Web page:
Living Below Your Means
Old, and Not Happy About It

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By Goofyhoofy
January 25, 2008

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It's balloon day for me, always a personal contradiction between the brightly colored icon at the top of the page and the depressing feeling it gives me about being another year older. I'm already old enough! STOP THE TRAIN! That shout-out never works, and with both a balloon day and a birthday I get to bark at the train twice a year instead of once. Jolly. Thanks Fool, for doubling my pleasure.

I bought Mrs. Goofy an iPod for Christmas, and dutiful husband that I am, ripped our CD collection into iTunes, a project which went on for, oh, a year. Then, clueless husband that I am, I transferred the files to a different hard drive and screwed everything up, requiring me to do it all over again. I'm sure a 13 year old wouldn't have made that mistake. See what I mean about being old?

Anyway, as I sit here doing this mindless exercise I got to thinking about music in my life and its many forms; and it started with, as best I remember, a little record player that spun bright red or yellow Walt Disney records at the frightening speed of 78 rpm. Out in the living room my folks had a record player which did the same with much larger platters, but that was replaced in time by something called a "Hi-Fi", for which my father built a beautiful walnut cabinet. "Hi-Fi" played 33 (and 1/3) rpm records and sounded GREAT, especially considering the competition was my 78rpm box and AM radio.

Hi-Fi gave way to "stereo Hi-Fi", (hardware upgrade, and a needle change ever couple hundred hours), and in time my little music box was replaced by a suitcase sort of thing with latches that played 45rpm records, such was the teenage media at the time. I remember that big fat spindle from which the records dropped, one after another, indelibly scratching the one below and the one above, but that's how it worked so that's what we did.

The next iteration was the 8-track, although I recall a brief moment of a 45 rpm record player which bolted to the dash of the car and played the records upside down (I am not making this up), followed quickly by the cassette deck. Then Dolby came along, and some other technical refinements, and then, of course, the CD.

Now music lives in little electrons in a box half the size of a pack of cigarettes in your pocket (or half the size of a book of matches, in nano format), and in another few years somebody will have figured out some other way to get music into your head, that's the way of the world.

If you don't remember all of those, well, that's how it works. Even reading about it, you will never experience the thrill of having those 45's drop down the spindle, endlessly playing Randy and the Rainbows or the Beatles or whoever. Just as I, no matter how many books I read about it, will never really know what it was like to live through the Great Depression or World War II.

That's the one thing that age gives you: real perspective. For all the vituperation some feel about the Iraq war, I remember Vietnam. Heck, now our country is merely "divided." Forty years ago it felt like the country was coming apart at the seams! You think the stock market is fluky the past few days? You should'a been around for the Nifty Fifty. (And I'm sure people who were old at that time were saying "Oh, this is nothing; you should'a been around for Black Tuesday" in 1929. Of course in some ways I'm sure this is the equivalent of "We had to walk to school. In a blizzard. Uphill both ways." Such are the memories of old people; it was always worse "back then.")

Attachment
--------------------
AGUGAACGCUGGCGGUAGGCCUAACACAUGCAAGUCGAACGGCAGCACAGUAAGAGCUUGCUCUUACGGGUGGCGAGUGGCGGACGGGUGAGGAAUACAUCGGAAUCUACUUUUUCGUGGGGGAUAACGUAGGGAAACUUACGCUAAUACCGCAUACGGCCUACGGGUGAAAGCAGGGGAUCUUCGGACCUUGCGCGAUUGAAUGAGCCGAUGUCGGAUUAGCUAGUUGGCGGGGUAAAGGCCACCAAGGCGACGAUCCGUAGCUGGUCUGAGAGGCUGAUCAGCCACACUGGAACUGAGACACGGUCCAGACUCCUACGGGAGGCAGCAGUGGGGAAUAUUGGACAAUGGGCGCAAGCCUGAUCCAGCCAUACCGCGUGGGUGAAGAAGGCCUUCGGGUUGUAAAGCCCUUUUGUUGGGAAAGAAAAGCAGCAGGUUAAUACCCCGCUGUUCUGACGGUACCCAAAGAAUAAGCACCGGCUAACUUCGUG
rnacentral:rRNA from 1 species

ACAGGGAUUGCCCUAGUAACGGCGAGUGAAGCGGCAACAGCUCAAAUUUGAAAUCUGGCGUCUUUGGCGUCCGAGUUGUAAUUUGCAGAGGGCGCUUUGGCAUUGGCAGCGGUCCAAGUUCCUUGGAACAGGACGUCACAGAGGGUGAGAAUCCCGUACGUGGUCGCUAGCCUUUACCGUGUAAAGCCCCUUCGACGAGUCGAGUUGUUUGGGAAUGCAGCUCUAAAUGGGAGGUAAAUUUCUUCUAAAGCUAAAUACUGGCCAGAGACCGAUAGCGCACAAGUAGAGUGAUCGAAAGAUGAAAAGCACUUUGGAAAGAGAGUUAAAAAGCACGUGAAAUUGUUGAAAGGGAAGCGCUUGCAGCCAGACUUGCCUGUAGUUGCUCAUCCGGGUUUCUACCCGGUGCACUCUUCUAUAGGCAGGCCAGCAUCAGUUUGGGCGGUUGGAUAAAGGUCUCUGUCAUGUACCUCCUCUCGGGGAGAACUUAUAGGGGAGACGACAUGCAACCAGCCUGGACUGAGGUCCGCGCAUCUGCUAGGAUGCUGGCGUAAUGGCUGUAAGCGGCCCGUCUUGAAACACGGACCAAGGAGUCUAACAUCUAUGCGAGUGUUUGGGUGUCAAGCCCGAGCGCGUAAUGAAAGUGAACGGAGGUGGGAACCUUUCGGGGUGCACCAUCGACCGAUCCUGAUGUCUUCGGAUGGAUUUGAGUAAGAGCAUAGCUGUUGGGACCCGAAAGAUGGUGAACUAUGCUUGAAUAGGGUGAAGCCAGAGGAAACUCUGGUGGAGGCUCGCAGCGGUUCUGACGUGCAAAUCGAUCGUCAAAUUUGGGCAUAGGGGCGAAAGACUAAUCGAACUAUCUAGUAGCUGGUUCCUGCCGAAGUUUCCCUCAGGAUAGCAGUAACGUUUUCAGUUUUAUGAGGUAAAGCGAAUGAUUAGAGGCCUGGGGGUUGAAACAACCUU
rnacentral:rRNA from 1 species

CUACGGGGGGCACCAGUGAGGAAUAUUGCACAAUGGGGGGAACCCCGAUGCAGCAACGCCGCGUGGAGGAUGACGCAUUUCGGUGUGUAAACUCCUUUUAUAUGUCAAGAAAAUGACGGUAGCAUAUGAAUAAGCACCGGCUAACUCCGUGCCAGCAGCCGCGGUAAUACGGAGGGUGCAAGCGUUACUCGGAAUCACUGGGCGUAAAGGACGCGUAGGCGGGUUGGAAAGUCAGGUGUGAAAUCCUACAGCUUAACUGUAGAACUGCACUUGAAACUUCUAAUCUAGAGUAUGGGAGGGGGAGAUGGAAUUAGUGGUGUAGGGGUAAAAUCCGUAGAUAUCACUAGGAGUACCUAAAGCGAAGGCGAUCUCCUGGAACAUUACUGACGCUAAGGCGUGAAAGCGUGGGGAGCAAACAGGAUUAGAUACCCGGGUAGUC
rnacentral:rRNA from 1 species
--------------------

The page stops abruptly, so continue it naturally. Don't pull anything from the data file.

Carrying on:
Sometimes, though, it really was. For instance, in my teenage years it took me all of 10 seconds to load up that 45rpm record player; now I am spending two weeks ripping CD's onto a computer so somebody else can listen to them. This is progress, right?

Well, since this is supposed to be a rant about old-ness, I'll just mention that I remember Lincoln's birthday and Washington's birthday when they meant something. Now we have President's Day, whatever that is. Heck, I remember when stores did not put up the Christmas decorations until after Thanksgiving." Ouch, that hurts. I remember no MLK day, no Kwanzaa, I even remember kids going door to door at Halloween and nobody worried about it. True story!

Anybody remember the party line? We had one, where you pretended not to be listening to your neighbors' conversations. Then everybody got a private line, then a couple lines, either for teenagers or fax machines. Then came car phones, and cell phones, and now Vonage, and soon everybody will just have an antenna strapped to their head and a transmitter in their teeth, probably. I hope I live to see it!

I recall watches, then electric watches, then digital watches. Now the watch business is in trouble because everybody has a cell phone which blinks the time at you whenever you want, not to mention carries music around in electron form, and probably a few games and a GPS. Soon: a toaster and post hole digger as additional options. And no watches, except for people who wear them as jewelry to prove they can afford a Rolex.

Well, I've ranted on long enough about this. The only thing that makes it worthwhile is those bloody balloons at the top of the page. And then tomorrow they'll be gone, leaving me older, but not so brightly colored, and then what? I'll still be sitting here, ripping endless CD's into Mrs. Goofy's iPod, fuming about how stupid it all is.

But at least I'll have the advantage of the perspective of age, so I'll just wallow in my oldness and grumpiness. If somebody at WalMart says "Have a nice day" I'm likely to punch them.